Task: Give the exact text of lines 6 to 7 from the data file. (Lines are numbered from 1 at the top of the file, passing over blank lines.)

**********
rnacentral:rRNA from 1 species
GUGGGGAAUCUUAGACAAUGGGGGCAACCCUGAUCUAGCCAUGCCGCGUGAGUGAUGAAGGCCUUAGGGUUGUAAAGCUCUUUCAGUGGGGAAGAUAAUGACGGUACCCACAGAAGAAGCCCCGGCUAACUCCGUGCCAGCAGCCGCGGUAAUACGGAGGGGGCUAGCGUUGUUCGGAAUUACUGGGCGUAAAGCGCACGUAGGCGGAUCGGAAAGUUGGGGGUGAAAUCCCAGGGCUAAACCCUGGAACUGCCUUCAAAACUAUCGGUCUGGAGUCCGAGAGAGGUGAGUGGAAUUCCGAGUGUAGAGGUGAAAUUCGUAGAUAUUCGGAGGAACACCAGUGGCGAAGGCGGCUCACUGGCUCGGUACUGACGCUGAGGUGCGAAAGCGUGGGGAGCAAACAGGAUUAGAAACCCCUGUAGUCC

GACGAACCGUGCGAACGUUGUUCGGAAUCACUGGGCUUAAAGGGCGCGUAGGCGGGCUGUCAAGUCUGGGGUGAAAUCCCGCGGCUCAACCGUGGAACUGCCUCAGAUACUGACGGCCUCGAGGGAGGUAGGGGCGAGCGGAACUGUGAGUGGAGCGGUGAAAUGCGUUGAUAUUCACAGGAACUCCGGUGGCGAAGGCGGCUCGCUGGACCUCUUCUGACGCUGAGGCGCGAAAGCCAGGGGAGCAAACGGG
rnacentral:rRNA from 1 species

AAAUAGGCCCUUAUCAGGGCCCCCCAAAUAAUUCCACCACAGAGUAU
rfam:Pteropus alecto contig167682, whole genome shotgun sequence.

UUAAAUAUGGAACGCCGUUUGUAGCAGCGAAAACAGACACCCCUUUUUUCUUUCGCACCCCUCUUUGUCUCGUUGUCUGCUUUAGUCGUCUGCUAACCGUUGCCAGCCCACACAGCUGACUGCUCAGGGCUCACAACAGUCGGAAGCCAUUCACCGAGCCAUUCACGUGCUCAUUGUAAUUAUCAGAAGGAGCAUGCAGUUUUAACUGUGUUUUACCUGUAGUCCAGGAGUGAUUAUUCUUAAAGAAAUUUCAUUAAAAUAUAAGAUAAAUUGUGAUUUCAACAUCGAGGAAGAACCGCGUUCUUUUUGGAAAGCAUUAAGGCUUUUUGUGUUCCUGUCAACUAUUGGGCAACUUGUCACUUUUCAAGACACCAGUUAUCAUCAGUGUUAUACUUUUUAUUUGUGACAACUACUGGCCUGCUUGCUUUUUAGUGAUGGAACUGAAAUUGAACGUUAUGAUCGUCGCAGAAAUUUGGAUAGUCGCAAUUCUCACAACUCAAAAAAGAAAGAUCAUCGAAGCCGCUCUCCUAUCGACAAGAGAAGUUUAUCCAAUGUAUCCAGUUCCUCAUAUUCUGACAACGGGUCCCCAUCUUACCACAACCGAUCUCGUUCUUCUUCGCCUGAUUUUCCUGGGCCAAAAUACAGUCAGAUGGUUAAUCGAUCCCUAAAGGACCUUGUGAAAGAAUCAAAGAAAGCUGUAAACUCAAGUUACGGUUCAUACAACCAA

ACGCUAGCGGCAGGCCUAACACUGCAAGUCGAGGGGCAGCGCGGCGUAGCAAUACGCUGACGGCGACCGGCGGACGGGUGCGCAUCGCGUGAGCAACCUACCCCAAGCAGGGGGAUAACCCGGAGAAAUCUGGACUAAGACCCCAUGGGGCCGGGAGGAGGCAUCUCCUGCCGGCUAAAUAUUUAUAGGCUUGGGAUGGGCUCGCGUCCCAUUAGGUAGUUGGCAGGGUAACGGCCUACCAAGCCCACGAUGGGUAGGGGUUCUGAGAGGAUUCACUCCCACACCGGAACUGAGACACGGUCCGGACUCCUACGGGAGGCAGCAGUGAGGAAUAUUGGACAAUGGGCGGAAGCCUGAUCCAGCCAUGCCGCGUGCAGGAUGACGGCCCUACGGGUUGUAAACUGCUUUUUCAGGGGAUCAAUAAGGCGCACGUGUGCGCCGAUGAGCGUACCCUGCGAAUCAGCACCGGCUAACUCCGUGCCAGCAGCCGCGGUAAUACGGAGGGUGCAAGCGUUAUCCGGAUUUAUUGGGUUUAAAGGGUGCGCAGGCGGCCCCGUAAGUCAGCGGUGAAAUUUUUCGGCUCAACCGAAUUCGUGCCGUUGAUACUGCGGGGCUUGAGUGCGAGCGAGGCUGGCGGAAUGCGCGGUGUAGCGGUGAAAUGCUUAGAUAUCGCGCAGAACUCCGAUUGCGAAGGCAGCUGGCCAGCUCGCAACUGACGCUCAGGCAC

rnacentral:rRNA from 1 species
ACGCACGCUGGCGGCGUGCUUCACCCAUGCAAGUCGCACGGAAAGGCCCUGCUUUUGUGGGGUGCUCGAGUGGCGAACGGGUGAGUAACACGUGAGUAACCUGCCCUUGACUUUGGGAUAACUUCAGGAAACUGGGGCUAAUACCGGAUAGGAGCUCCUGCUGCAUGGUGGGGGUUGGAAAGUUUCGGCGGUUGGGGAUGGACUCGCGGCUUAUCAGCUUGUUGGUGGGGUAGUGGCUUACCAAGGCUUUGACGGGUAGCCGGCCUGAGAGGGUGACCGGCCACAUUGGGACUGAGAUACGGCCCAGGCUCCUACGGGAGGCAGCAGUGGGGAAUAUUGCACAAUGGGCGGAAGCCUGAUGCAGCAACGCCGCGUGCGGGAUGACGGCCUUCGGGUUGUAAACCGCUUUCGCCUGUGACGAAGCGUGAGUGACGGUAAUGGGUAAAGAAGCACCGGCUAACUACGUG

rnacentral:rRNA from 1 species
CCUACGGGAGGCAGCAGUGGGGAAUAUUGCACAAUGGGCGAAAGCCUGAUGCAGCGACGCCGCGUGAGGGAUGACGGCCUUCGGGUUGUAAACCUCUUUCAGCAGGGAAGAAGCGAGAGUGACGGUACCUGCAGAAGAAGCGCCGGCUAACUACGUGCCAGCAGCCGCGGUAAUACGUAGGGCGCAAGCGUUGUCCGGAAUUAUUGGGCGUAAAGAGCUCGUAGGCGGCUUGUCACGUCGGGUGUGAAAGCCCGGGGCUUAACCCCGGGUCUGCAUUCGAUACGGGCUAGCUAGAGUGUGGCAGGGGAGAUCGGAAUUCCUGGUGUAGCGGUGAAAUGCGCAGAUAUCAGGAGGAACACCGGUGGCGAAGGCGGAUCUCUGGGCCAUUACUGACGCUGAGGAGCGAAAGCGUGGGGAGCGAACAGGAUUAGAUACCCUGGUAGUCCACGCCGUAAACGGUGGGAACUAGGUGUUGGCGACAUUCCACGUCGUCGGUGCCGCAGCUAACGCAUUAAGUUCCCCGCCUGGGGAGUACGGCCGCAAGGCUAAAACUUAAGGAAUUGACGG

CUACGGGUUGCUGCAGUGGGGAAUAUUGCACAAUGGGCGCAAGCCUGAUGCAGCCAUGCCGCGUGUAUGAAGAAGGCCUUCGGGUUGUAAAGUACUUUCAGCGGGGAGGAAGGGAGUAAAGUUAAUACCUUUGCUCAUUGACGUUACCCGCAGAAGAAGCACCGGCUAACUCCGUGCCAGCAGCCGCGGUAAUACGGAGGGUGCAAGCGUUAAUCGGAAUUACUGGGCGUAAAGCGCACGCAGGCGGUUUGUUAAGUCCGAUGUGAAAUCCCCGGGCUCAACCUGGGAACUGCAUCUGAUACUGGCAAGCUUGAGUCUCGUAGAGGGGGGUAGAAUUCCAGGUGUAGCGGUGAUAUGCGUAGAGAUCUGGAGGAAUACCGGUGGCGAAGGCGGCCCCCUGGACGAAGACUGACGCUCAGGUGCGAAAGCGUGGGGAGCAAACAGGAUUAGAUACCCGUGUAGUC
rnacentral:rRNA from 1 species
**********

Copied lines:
rfam:Pteropus alecto contig167682, whole genome shotgun sequence.

UUAAAUAUGGAACGCCGUUUGUAGCAGCGAAAACAGACACCCCUUUUUUCUUUCGCACCCCUCUUUGUCUCGUUGUCUGCUUUAGUCGUCUGCUAACCGUUGCCAGCCCACACAGCUGACUGCUCAGGGCUCACAACAGUCGGAAGCCAUUCACCGAGCCAUUCACGUGCUCAUUGUAAUUAUCAGAAGGAGCAUGCAGUUUUAACUGUGUUUUACCUGUAGUCCAGGAGUGAUUAUUCUUAAAGAAAUUUCAUUAAAAUAUAAGAUAAAUUGUGAUUUCAACAUCGAGGAAGAACCGCGUUCUUUUUGGAAAGCAUUAAGGCUUUUUGUGUUCCUGUCAACUAUUGGGCAACUUGUCACUUUUCAAGACACCAGUUAUCAUCAGUGUUAUACUUUUUAUUUGUGACAACUACUGGCCUGCUUGCUUUUUAGUGAUGGAACUGAAAUUGAACGUUAUGAUCGUCGCAGAAAUUUGGAUAGUCGCAAUUCUCACAACUCAAAAAAGAAAGAUCAUCGAAGCCGCUCUCCUAUCGACAAGAGAAGUUUAUCCAAUGUAUCCAGUUCCUCAUAUUCUGACAACGGGUCCCCAUCUUACCACAACCGAUCUCGUUCUUCUUCGCCUGAUUUUCCUGGGCCAAAAUACAGUCAGAUGGUUAAUCGAUCCCUAAAGGACCUUGUGAAAGAAUCAAAGAAAGCUGUAAACUCAAGUUACGGUUCAUACAACCAA